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Condo, Co-op Owners Become 'Accidental Landlords;' Community Associations May Suffer

8/11/1998  -  Alexandria, VA

More and more Americans are discovering the joys and pains of being a landlord as they "buy up" to single-family homes without selling their "starter home" in a condominium, cooperative or townhome association. Whether you collect the rent or live in a community association with a high percentage of rental homes, non-compliant renters and owner/tenant disputes are likely a challenging problem, according to the Community Associations Institute. CAI's book, Dealing With Renters, offers help for the landlord, the neighbors and the community association.

"Accidental landlords" may not have the information and skills necessary to effectively manage a property, and renters may feel alientated from community events and confused by association rules. Dealing With Renters offers advice on how to avoid owner/tenant disagreements through effective communication and renter involvement in association activities. CAI's book provides lists of owner obligations and tenant rights; sample leases, documents and welcome letters; and an analysis of state laws and agency regulations, federal anti-discrimination statutes and relevant legal decisions.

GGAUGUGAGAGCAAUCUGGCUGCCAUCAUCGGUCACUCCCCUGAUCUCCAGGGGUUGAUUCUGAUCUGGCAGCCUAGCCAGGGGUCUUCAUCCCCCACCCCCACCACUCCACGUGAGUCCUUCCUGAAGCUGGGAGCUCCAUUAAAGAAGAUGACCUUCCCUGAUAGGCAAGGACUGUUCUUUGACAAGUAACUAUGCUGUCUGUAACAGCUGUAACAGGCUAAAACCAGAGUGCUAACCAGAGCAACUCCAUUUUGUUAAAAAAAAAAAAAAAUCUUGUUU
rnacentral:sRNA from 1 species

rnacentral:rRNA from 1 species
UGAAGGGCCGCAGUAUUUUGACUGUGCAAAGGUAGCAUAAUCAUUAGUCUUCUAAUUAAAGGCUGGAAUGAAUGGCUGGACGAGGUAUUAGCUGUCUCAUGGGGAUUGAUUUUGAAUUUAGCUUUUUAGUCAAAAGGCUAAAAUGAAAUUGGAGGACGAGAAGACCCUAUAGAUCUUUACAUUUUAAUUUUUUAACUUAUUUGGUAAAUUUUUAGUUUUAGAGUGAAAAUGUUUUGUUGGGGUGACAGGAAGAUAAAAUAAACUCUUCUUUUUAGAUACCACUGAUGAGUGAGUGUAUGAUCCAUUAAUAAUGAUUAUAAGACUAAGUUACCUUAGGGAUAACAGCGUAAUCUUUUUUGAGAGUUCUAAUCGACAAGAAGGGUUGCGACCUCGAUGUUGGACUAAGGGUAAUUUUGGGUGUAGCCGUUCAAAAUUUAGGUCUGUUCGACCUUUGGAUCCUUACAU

For more information or to order a copy of Dealing With Renters (CAI member price, $7.95; non-members, $12.95), call CAI at 703/548-8600 or visit the Institute's web site.

The Community Associations Institute is a nonprofit association created in 1973 to educate and represent the nation's 205,000 community associations—condominium associations, homeowner associations and cooperatives. CAI members include homeowners, associations and related professionals and service providers.

Phone: 703-970-9235